All About Jazz needs your help and we have a deal. Pay $20 and we'll hide those six pesky Google ads that appear on every page, plus this box and the slideout box on the right for a full year! You'll also fund website expansion.
Jimmy Haslip's second solo release showcases the extraordinary bassist in a heavily Latin setting; a departure from what we usually hear from him within the context of the Yellowjackets or his various sideman appearances. The CD is dedicated to his father, James J.F. Haslip, and his Puerto Rican heritage. Haslip's primary collaborator throughout the program is Joe Vannelli, best known as the keyboardist and mainstay for his brother, Gino. Vannelli and Haslip co-composed seven of the ten tunes, co-produced the CD, and provided the bulk of the programming. Yes, the music on the CD is largely synthesized, including some of the percussion and bass lines, freeing Haslip to concentrate on melodic and improvizational concerns. But the tracks are skillfully done and very life-like, avoiding the monotony of mindless repetitive loops.
The CD blasts out of the starting gate with "Los Feliz," full of percussive energy, with Haslip claiming ownership of the entire fretboard throughout his lead lines and solos. Chuck Findley (trumpets and trombones) and Steve Tavaglione (saxophones) lay down darting horn riffs in the background on this and several other tunes. Other highlights include the pensive balladry of "Laguna," in which Haslip expressively states the melody in the upper range; "Vaya," with it's tribal chorus and percussion; and the salsa-fied reading of Steve Khan's "Novelas." The CD is full of varying styles and textures, thanks not only to the synth programming, but also to the variety of instruments used, such as Justo Almario's flute, Judd Miller's EVI, and the percussion arsenal of Luis Conte, Michael Shapiro, and others. While Latin genres provide the primany influence on this CD, there's smatterings of Haslip's more customary jazz-funk, too. His chops displays are always impressive, but never overbearing. This is a well-rounded, consistently interesting release. (Unitone 4802)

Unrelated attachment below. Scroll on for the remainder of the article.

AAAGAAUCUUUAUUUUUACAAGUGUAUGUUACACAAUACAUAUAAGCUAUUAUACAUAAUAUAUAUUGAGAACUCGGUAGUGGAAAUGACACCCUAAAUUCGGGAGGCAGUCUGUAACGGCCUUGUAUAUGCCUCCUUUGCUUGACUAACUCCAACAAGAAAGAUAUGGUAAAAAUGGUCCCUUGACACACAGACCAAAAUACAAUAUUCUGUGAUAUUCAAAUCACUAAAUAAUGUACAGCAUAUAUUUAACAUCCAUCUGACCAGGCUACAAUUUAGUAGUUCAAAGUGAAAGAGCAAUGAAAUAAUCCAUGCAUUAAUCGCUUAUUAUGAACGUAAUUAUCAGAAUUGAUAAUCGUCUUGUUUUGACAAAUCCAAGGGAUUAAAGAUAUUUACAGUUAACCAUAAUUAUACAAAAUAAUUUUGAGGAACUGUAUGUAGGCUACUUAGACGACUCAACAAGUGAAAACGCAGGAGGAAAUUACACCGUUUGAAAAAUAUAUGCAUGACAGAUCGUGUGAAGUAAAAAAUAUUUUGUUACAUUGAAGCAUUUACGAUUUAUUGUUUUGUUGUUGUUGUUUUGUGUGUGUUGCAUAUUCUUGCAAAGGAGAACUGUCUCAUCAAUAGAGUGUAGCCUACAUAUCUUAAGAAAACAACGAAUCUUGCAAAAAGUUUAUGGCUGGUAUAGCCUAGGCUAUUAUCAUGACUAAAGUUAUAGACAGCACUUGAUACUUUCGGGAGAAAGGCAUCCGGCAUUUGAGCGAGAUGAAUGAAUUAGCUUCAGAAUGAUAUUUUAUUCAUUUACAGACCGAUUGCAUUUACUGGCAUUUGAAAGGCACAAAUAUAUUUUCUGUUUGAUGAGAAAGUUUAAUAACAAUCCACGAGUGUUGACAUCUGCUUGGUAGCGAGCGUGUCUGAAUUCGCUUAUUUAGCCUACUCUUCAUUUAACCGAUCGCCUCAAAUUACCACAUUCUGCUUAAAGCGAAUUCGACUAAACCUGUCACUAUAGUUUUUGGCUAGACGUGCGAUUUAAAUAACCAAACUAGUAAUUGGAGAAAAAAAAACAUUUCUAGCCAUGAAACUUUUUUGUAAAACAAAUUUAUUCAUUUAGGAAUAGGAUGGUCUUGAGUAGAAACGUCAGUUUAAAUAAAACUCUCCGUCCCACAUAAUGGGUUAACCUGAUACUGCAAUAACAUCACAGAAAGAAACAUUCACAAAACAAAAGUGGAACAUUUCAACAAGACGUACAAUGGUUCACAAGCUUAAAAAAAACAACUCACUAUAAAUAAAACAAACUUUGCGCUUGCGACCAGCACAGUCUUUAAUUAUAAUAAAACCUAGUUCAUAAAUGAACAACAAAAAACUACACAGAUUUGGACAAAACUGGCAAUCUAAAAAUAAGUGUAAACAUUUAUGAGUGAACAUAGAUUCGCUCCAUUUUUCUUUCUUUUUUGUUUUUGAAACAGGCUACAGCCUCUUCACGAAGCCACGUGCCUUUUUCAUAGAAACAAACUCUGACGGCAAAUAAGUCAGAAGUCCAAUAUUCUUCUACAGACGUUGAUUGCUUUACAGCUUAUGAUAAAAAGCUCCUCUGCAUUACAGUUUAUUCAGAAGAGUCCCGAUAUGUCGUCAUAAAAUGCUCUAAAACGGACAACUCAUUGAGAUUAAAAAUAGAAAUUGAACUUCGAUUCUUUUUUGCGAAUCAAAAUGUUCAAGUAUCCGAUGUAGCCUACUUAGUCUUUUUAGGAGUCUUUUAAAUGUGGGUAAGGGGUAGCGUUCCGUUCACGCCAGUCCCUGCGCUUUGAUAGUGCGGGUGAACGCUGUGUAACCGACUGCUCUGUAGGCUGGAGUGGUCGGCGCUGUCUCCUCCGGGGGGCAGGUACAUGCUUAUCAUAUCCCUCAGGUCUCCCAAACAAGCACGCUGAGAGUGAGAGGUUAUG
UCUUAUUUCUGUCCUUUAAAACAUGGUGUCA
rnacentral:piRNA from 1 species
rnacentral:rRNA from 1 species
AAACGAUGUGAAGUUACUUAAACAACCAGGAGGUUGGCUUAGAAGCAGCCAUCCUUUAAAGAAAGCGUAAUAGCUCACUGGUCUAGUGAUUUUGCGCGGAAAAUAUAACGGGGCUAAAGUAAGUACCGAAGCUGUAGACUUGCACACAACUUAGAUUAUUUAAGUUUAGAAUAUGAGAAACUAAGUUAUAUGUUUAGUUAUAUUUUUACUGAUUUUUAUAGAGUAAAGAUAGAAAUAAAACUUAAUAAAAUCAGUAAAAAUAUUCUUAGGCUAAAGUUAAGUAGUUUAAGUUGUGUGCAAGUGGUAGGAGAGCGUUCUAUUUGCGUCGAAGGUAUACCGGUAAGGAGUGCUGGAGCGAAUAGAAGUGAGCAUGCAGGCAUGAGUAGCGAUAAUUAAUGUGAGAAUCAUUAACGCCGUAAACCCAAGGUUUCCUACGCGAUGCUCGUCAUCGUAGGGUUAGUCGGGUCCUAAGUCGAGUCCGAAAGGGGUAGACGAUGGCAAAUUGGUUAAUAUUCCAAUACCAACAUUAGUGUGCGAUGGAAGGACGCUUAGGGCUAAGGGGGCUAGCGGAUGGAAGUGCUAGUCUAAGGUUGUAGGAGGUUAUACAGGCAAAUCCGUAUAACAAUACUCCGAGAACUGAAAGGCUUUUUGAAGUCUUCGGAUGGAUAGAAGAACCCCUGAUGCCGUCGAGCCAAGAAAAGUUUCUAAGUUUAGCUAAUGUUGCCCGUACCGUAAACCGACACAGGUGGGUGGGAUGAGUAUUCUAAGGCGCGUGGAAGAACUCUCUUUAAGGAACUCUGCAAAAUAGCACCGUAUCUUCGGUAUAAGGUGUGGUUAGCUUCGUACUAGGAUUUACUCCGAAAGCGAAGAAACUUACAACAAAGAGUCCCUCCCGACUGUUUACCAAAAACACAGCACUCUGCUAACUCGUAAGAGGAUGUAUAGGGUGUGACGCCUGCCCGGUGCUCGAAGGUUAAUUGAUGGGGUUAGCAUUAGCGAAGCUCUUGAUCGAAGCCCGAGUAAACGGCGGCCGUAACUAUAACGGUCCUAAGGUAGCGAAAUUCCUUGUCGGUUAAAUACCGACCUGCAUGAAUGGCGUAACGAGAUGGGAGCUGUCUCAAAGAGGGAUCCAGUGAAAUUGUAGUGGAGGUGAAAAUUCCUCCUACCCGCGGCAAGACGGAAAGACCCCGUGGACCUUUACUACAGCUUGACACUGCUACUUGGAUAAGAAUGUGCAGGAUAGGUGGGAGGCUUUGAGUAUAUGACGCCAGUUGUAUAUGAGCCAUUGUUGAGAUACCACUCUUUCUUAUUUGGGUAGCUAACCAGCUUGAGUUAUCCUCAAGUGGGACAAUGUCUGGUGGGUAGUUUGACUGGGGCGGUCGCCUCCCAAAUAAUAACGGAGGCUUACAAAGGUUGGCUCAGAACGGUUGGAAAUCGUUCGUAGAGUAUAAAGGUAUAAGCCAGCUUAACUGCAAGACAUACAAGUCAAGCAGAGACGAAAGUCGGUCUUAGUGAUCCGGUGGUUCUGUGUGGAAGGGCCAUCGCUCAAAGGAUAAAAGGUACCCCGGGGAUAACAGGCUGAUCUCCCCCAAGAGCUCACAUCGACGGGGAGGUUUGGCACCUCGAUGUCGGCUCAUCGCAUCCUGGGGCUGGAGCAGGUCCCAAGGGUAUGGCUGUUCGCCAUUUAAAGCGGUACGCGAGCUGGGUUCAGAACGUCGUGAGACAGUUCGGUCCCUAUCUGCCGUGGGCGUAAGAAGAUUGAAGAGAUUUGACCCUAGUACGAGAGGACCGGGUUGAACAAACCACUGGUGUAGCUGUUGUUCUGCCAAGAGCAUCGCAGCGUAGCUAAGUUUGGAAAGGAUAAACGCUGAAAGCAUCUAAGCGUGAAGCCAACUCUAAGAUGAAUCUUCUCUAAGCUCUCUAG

Tracks: Los Feliz; Calle Del Sol; The Heat; The Red Sun; Laguna; Vaya; Novelas; She Never Has a Window; Fuego; El Morro. (53:55)
Personnel: Jimmy Haslip--electric and acoustic bass guitar, synth bass, keyboards, programming, background vocals; Joe Vannelli--keyboards, synth bass, programming; Otmaro Ruiz--piano; Russell Ferrante, Vince Mendoza--keyboards; Steve Tavaglione--saxophones; Chuck Findley--trumpet and trombone; Justo Almario--flute; Judd Miller--EVI; Luis Conte, Mike Shapiro, Mark Craney, Casey Scheuerell, Ernesto Diaz, Paul Gonzalas, Bertrand Lehman,--percussion; Ross Vannelli, Gino Vannelli--background vocals.
I love jazz because anything is possible; it has few rules and the best jazz breaks those ones. I prefer free improv because it doesn't really have any rules at all.
I was first exposed to jazz in my teens (in the late sixties).
The first jazz record I bought was Filles de Kilimanjaro by Miles Davis, shortly followed by Extrapolation by John McLaughlin.
My advice to new listeners is to listen as widely as possible and not to make snap judgments--stick with it.